Sony in collaboration with IBM Research develops magnetic tape storage technology
Tue, 15 Aug 2017 11:33
Sony Corporation has announced that it has developed, in collaboration with IBM Research, located in Zurich, Switzerland, a magnetic tape storage technology with the industry's highest*1 recording areal density for tape storage media, at 201 Gb/in2 (gigabits per square inch). This achievement was made possible by bringing together Sony's new magnetic tape technology employing lubricant with IBM Research - Zurich's newly developed write/read heads, advanced servo control technologies and innovative signal-processing algorithms. The recording areal density of 201 Gb/in2 is approximately 20x greater than conventional*2 magnetic tape storage media (9.6 Gb/in2). The resulting technology can support high-capacity storage of approximately 330 terabytes (TB)*3 per data cartridge, whereas conventional technology can only handle 15 TB per data cartridge.
These development results were jointly announced with IBM Research - Zurich on Wednesday, 2 August 2017 at The 28th Magnetic Recording Conference (TMRC 2017) at the Tsukuba International Conference Center in Tsukuba, Japan.
In recent years, developments in the Internet of Things, the popularisation of cloud services, and the leveraging of big data have helped to create new markets, resulting in increased demand for high-capacity data storage media. Moreover, the importance of data storage is being reaffirmed in terms of ensuring reliable recovery of data in information systems such as databases and servers, as well as safe management of information. It is against this background that magnetic tape shows great potential as a storage media thanks to its various strengths, including its capacity for storing data over long periods of time, low power consumption, low cost, and space saving capabilities.
Closing the gap (spacing) between the magnetic tape and magnetic head is critical to achieving high-density recording capabilities for tape storage media. Reduced spacing entails increased friction at contact points between the tape surface and magnetic head, however, friction must be reduced and the tape surface must smoothly run along the magnetic head to enable high-capacity writing and reading at a high speed. Upon establishing this new magnetic tape technology, Sony developed a lubricant that is applied between the tape surface and magnetic head. This low-friction lubricant not only reduces friction between the tape surface and magnetic head, but also features a highly durable bond between the lubricant and magnetic layer of the tape.
Furthermore, this new technology made it possible to create a nano-grained magnetic layer*4 with microscopic magnetic particles in extended tape length. Conventionally, a common problem is non-uniform crystalline orientation and disparities in grain sizes due to impurity gas generated from the surface of equipment during magnetic layer formation. A newly developed processing technology that reduces impurity gas is used in conjunction with sputter deposition,*5 a method of forming a nano-grained magnetic layer with an average grain size of 7 nm, thereby resulting in extended tape length. With these advancements in processing technology, the foundation has been laid for production of tape storage cartridges that can hold more than 1000 metres of tape.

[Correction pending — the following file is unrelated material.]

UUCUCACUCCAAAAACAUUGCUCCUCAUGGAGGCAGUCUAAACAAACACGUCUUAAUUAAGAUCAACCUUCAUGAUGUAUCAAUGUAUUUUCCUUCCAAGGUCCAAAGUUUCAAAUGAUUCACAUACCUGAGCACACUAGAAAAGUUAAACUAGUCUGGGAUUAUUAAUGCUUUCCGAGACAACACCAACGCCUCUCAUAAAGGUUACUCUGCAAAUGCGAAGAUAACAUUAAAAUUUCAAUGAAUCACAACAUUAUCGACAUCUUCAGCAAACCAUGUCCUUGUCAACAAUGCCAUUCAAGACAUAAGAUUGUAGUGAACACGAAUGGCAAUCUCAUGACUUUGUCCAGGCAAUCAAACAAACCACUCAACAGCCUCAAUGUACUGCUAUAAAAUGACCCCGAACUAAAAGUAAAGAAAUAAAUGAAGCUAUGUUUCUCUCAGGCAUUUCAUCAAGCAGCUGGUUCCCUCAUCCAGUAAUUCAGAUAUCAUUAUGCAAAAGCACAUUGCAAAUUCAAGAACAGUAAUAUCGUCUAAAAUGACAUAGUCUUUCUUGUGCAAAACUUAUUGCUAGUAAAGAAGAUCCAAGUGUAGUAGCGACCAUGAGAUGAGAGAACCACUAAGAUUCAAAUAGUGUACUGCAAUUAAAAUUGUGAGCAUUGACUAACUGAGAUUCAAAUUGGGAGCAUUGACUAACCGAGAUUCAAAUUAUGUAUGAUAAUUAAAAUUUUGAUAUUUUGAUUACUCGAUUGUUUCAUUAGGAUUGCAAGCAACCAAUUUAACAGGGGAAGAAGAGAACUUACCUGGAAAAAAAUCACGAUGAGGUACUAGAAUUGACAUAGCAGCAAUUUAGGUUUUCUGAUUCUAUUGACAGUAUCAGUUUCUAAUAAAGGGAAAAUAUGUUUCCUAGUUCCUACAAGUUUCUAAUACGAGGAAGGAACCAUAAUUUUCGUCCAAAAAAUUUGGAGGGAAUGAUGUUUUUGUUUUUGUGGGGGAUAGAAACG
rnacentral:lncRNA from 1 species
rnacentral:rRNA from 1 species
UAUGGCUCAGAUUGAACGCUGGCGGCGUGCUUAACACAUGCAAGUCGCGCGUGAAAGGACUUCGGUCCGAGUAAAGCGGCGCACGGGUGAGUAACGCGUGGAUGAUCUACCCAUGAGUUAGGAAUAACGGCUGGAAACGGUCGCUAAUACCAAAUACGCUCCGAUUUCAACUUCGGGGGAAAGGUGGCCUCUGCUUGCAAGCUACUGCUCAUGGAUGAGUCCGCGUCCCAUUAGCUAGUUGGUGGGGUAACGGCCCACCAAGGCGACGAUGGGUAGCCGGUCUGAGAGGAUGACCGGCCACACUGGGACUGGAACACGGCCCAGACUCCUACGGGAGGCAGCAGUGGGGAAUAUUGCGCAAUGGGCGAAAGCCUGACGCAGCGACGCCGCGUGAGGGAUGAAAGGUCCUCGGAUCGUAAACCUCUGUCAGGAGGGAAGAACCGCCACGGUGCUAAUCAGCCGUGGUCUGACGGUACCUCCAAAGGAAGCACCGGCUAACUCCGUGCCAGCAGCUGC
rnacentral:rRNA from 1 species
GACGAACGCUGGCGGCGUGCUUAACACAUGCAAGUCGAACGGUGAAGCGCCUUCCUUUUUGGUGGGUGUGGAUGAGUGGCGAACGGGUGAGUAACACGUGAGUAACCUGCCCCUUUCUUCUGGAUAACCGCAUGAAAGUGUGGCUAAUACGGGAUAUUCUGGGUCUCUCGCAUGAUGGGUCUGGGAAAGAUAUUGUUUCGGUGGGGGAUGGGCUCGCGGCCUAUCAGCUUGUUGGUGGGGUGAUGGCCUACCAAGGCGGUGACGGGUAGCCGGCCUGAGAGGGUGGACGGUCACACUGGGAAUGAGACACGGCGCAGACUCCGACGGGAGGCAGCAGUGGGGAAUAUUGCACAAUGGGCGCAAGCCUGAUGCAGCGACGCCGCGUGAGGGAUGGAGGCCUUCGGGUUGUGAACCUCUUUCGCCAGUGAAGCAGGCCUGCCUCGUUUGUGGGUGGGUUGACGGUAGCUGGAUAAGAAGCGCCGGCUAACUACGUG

Combining this magnetic tape technology together with IBM Research Zurich's write and read heads, advanced servo control technologies and innovative signal-processing algorithms, Sony has achieved the industry's highest*1 recording areal density of 201 Gb/in2 — about 20x greater than the current*2 mainstream coated magnetic tape media for data storage.
Sony will build on this new development to forge ahead with development of magnetic tape technologies, aiming to commercialise next-generation tape storage media capable of high-capacity data recording and achieve even higher recording density.
*1 On magnetic tapes. As of announcement on 2 August 2017.
*2 When compared with the IBM TS1155 tape drive, JD cartridge (non-compressed), the newest enterprise-class tape system.
*3 Assuming the same format overheads as the TS1155 format and taking into account the 6.4 per cent increase in tape length enabled by the thinner demo tape. A TS1155 JD cartridge, can hold 15 TB of uncompressed data in a 4.29 in. x 4.92 in. x 0.96 in. (109.0 mm x 125 mm x 24.5 mm) form factor.
*4 Nano-grained magnetic layer: Sony original thin layer tape formation technology which forms a layer of uniform, nanometer-scale magnetic particles on the substrate. The technology features optimised sputter conditions which minimise surface unevenness on the substrate, resulting in a uniform deposition of microscopic magnetic particles.
*5 Sputter deposition: A thin layer formation method where electrostatic discharge is used to force argon (Ar) ions to collide with the source material (target), and the sputtered material forms a deposition on the substrate to create a thin layer.